The capacity of the river channels appears sufficient to adequately contain significant storm flows, at least up to a 1 in 200 years flood event. They also contain most of the power of the flood flows. During long periods of low flows, bankfull discharge maintains a smaller channel within the larger, but also allows vegetation to freely colonise the main incised channel thus reducing its carrying capacity. When the next extreme event occurs, the flow spills around this vegetation and where there is no resistance the channel widens rapidly. This process had also occurred on bends in some cases, resulting in severe scouring on the inside of the bend, an area usually subject to deposition. This phenomenon was observed in narrow valleys as well as the broader, level flood plains. Stabilisation of the toe, slope and top of banks is essential.
The central stream channels should be maintained at a sufficient degree of openness to reduce the risk of excess water banking up and spilling turbulently around the edges, scouring the banks and possibly creating a new main channel. Alternatively river bank revegetation should be more robust, however in this case flood flows will be pushed out onto the flood plain and the conveyance efficiency reduced. The situation is applicable to stream channels large and small. The concern that revegetation on the banks and floodplain impedes flood conveyance is probably unwarranted.
Fences suffered varying degrees of damage. The placement, orientation and type of fencing appropriate for different parts of the floodplain also needs to be more systematically investigated.
Secondary floodplain channels, even though largely dry, should be treated as rivers in their own right with protection works designed specifically to reduce the risk of excessive scouring without impeding floodplain flow.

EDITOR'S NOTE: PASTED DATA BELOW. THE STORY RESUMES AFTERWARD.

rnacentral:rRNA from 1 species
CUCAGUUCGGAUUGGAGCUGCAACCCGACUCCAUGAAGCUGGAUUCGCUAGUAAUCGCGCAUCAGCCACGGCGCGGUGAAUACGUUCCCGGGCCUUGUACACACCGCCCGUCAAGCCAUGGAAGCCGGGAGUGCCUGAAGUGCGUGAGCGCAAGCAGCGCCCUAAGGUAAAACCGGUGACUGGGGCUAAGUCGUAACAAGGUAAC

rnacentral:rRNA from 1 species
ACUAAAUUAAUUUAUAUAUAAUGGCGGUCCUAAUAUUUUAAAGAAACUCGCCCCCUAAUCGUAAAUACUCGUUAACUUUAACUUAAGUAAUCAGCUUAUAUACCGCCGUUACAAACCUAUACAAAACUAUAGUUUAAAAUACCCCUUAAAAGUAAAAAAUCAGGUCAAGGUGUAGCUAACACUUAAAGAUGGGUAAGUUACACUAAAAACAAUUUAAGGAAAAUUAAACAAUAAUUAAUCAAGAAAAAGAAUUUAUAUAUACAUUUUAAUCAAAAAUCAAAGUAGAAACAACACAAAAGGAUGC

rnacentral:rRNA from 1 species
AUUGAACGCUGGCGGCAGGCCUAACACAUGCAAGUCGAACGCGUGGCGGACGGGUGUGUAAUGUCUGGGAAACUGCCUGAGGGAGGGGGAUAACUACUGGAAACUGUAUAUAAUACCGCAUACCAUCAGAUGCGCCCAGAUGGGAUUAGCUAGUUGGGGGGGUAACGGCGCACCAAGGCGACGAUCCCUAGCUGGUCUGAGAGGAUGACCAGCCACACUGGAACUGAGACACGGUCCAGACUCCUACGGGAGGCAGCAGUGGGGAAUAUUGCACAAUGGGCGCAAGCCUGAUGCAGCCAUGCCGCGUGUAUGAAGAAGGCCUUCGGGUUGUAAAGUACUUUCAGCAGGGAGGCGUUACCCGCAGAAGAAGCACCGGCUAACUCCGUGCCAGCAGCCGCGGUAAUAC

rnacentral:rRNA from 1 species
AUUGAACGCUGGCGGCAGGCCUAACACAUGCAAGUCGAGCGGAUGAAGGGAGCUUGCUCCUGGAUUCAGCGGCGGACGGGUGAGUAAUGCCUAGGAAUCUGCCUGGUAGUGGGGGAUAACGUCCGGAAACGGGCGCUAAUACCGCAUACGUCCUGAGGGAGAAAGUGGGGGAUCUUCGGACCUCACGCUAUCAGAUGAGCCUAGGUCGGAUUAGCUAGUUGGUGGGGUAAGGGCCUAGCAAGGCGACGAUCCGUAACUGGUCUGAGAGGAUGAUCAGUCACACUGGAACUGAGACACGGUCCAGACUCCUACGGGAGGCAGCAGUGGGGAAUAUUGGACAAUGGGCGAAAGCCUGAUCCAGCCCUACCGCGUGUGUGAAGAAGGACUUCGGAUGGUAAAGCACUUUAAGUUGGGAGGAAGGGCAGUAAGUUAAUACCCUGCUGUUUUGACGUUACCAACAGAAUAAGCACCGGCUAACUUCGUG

Stream bank revegetation is a priority. Dense ground covers such as sedges and rushes are required to complement the tree species such as melaleucas.
Sedges and rushes appear to be very resilient to flood flows even when plants are isolated or occur in clumps separated by bare ground. These would be suitable for protecting the bed and lower parts of the channel bank.
Although some tree plantings suffered, others appeared robust enough to handle the flows. Isolated trees, particularly on the main channel banks, may be undermined by flow around their trunks. Tree roots are not sufficiently dense to hold the soil between them in the case of concentrated flow against the base. The surrounding soil surface should also be armoured. Tree roots have been shown to significantly reinforce the soil around them and this can serve to reduce the risk of slumping as flood flows ebb.
Since the main channel appears to take the brunt of the flow and therefore the stream power, the riparian vegetation away from the main channel serves to diffuse the over bank flow. The distribution and density of revegetation works should be such as to avoid focusing the flow. In the Dalyup and Coramup systems the flood conveyance would probably not have been dramatically reduced by more flood plain vegetation.